The term Coercive control has increasingly been in the media in recent months as policymakers respond to increasing calls to make this phenomenon illegal across Australia (1). Much of this push emerges from increased awareness and understanding of how family violence is experienced by partners of abusers following many years of public debate led by dedicated campaigners and support organisations, for example the 2015 Australian of the year, Rosie Batty (2), and 1800 Respect (3).
Coercive control can be considered a type of family violence that is often, although not always, experienced in intimate partner relationships. It can be harder to recognise than other forms of family violence and typically consists of actions that are intended to exercise power and control over the recipient. Sometimes these actions are so subtle that people can live in such a relationship for considerable lengths of time without realising the extent of the control they are experiencing.
Here are some of the ways in which coercive control might show up in a relationship:
- Financial Control: limiting access to money which can include having to make requests to the abuser for resources; having no access to financial information; having an “allowance” or strict limits on expenditure. This can leave the affected person with limited resources to help them to leave the situation.
- Social Control / Jealousy: Isolating from access to friends and family by pressuring or threatening them to avoid social contact or situations where the affected person might talk with others about their situation. This can include accusations of having affairs or preferring the company of others to the abuser.
- Degradation / Controlling the body: Using humiliating language and criticism to erode the affected person’s self-esteem and increase reliance on the abuser. This might also emerge as putting the affected person down in front of others, passing it off as “a joke” if challenged. It can also present as pressuring the affected person to look or dress a certain way.
- Monitoring: This can include things like interrogation on returning home about where they have been as well as more sophisticated forms of technology facilitated stalking and abuse. This can include monitoring social media, installing monitoring software on phones, and hacking into emails. More information on e-safety can be found at: https://www.esafety.gov.au where you can access a helpful e-safety check quiz to determine your personal level of risk of being monitored without your knowledge (4).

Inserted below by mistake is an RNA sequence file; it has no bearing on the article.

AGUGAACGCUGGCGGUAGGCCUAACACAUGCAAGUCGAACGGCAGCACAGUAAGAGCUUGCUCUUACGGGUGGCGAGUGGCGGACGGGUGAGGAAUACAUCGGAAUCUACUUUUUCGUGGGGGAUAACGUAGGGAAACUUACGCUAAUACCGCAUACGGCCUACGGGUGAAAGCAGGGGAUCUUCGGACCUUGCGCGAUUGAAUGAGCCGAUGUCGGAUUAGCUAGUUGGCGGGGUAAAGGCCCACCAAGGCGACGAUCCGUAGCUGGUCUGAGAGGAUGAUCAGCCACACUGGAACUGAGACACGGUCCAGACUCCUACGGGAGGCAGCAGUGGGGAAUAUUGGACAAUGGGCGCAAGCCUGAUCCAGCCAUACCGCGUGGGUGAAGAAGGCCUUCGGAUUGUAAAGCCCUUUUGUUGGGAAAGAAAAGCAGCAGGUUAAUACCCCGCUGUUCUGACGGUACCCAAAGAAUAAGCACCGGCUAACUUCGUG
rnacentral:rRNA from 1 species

- Control of religion / Cultural beliefs – This can take the form of restricting the affected person’s freedom to pursue their religious or cultural beliefs and practices or could be the imposition of religious or cultural expectations which are unwanted or not shared.
This brief outline highlights just some of the ways in which coercive control can be experienced as an attack on autonomy, equality, and freedoms. However, this form of abusive and controlling behaviour can change over time and be influenced by events such as pregnancy and the birth of children, family problems, and financial stress, making patterns even more difficult to identify.
Labels can be highly intimidating, and it can be difficult to recognise patterns of coercive control that may have existed over long periods of time and to consider yourself as a victim or your partner as a perpetrator. However, a 2020 survey of Australian women conducted by the Australian Institute for Criminology (5) found that coercive control is “a very common feature of women who experience any form of violence or abuse within their relationships”.
If you are a professional working in, or seeking to work in this area, or are otherwise interested in learning more, this webinar hosted by the Australian Institute of Family Studies in January 2022 will expand on some of the ideas presented here: https://aifs.gov.au/webinars/power-understanding-patterns-coercive-control.
If you feel that you are currently experiencing coercive control in your life, help is available. A good place to start is by calling 1800 Respect on: 1800 737 732 who can inform you of support services in your local area.
Our Blog Author
This blog was written by Ian Clark – Clinical Psychologist at YMM.
Ian is a Clinical Psychologist with over 10 years experience in private practice. He enjoys working with adolescents and adults presenting with a range of difficulties, including mood disorders, anxiety, stress related to school or work, and has years of experience supporting victims of domestic violence. Ian believes it is essential to the therapeutic process to provide a welcoming, safe, and non-judgemental environment in which to carefully explore ways to help people to make positive changes in their lives.
To learn more about Ian, check out the “Our Team” page on our website! https://yourmindmatters.net.au/our-team/